The situation in the Mediterranean index: Tsunami ... is the Mediterranean at risk? index: Tsunami ... is the Mediterranean at risk?

Questions & Answers


Fig. 1: Map of the coasts most badly hit by the seaquake of 26/12/2004.
(Credit: Seaquake Research Team, Physics Dept, University of Bologna)
  • Could an earthquake as big as the one in Sumatra happen in Italy?

  • Earthquakes the size of the one in Sumatra are linked to the high rate at which the plates move. In the area of Sumatra, the speed of movement is approx. 6-9cm/year, while in Italy it is a few mm/year. The biggest earthquakes ever seen in Italy were of a magnitude of about 7, such as the Strait of Messina earthquake in 1908 and the one that hit eastern Sicily in 1693. Historic records show that strong earthquakes capable of producing tsunamis (tsunamigenic) occur mainly in Calabria, eastern Sicily and in the Gargano area of Apulia, with faults tens of kilometres long. The fault which gave rise to the Sumatra earthquake broke for a length of 1000 km – almost the length of Italy. From historic documents and from what we know of the tectonic conditions of the Mediterranean, we can confirm that earthquakes on the scale of Sumatra cannot happen in Italy.
 
  • Is it true that Sumatra has moved 30 metres towards India?

  • The island of Sumatra is on the top side of the fault which gave rise to the earthquake. A fault is simply an area of contact between plates, when one plate subducts or slides under the other. In the case of Sumatra, the Indo-Australian plate slid under the Burma plate (see Fig. 1 in "The tsunami of 26 December 2004"). This shift averaged 15 metres on each side of the fault, with the result that Sumatra has moved 30 metres closer to the coasts of India and Sri Lanka.
     
  • The earthquake of 24 December 2004 has shifted the earth's axis. What are the consequences for the climate?

  • The displacement of the earth's axis caused by the Sumatra earthquake can be explained by using the theory of the American astronomer Seth Carlo Chandler, who in 1891 discovered that the rotational axis of the earth oscillates around the inertial axis. The oscillation (known as the Chandler wobble) is due to the variation in the moment of inertia of the planet linked to its surface and internal dynamics – such as, for example, movements of ocean currents, movements in the mass of air and displacement in the earth's mantle at great depths. An observer at the pole "would see" the instantaneous rotational axis trace a circumference (in fact, it is an irregular curve) with a radius of a few metres over a period of approximately 433 days. Large earthquakes are one of the causes of such oscillations, given that they produce shifts of mass inside the earth. The Sumatra earthquake caused a sharp shift in the earth's axis, seen from the pole, of approx. 5-6cm. This shift is, however, of no significance if we compare it to the ordinary variations of the Chandler wobble. We can therefore conclude that such an event has not had any effect on the climate.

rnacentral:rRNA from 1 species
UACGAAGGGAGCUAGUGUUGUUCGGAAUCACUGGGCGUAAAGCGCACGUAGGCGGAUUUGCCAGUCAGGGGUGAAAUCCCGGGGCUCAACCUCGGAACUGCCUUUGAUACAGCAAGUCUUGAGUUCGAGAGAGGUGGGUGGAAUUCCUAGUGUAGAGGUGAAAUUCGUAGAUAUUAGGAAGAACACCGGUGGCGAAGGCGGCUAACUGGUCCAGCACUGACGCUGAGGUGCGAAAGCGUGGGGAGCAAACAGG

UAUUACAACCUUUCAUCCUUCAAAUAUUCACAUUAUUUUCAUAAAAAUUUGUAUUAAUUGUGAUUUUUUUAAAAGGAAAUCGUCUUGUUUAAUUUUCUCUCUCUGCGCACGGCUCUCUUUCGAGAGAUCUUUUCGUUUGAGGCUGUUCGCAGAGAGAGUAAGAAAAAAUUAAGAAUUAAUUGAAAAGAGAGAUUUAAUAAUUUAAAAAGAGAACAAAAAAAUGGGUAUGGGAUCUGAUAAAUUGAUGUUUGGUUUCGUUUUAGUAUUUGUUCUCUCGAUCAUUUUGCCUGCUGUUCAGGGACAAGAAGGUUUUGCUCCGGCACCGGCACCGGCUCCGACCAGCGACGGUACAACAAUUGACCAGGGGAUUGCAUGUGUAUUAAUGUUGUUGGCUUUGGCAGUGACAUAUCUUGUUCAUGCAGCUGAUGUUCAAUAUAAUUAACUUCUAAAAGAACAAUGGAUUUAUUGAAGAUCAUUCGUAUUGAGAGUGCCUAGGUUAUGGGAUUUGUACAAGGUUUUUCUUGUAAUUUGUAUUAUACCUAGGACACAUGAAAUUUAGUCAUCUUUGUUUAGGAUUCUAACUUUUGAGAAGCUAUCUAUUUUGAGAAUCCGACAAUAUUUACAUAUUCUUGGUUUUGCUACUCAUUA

• What risks does a ship offshore face during a tsunami?

  • In the section "What is an earthquake?" we explained how the size of tsunami waves depends on the depth of the sea. We can see that waves in open sea are not very high – usually between a few tens of centimetres and one metre. Normal waves caused by the wind are much higher. Furthermore, the waves are very long, so the slope of the sea surface during a tsunami is too small even to be noticed. A ship positioned at a certain distance from the coast, or rather, at a point where the sea is quite deep, will not notice the passing of the wave and will not be affected by the catastrophe about to hit the coast.
  • How high can the waves be when they hit the coast?

  • The height reached by the waves on the coast is called "wave run-up" in international scientific jargon. The run-up depends on the height of the wave out at sea and depends largely on the bathymetry near the coast. In the case of the earthquake of 26 December 2004, the wave reached the coast at heights ranging from 3 to 35 metres in the area of Banda Aceh, the town at the southern tip of the island of Sumatra (the worst hit area), 5 to 7 metres in the islands of Nicobar, and more than 5 metres in the Andaman islands. I n Thailand, they measured waves up to 10 metres high in the area of Khao Lak, and from 4 to 8 metres in the region of Phuket. On the coasts of central India, between latitudes 10 and 14, the wave reached heights varying from 3 to 8 metres. A 1-metre high wave arrived in the Maldives. The wave even reached the coasts of Africa.
     
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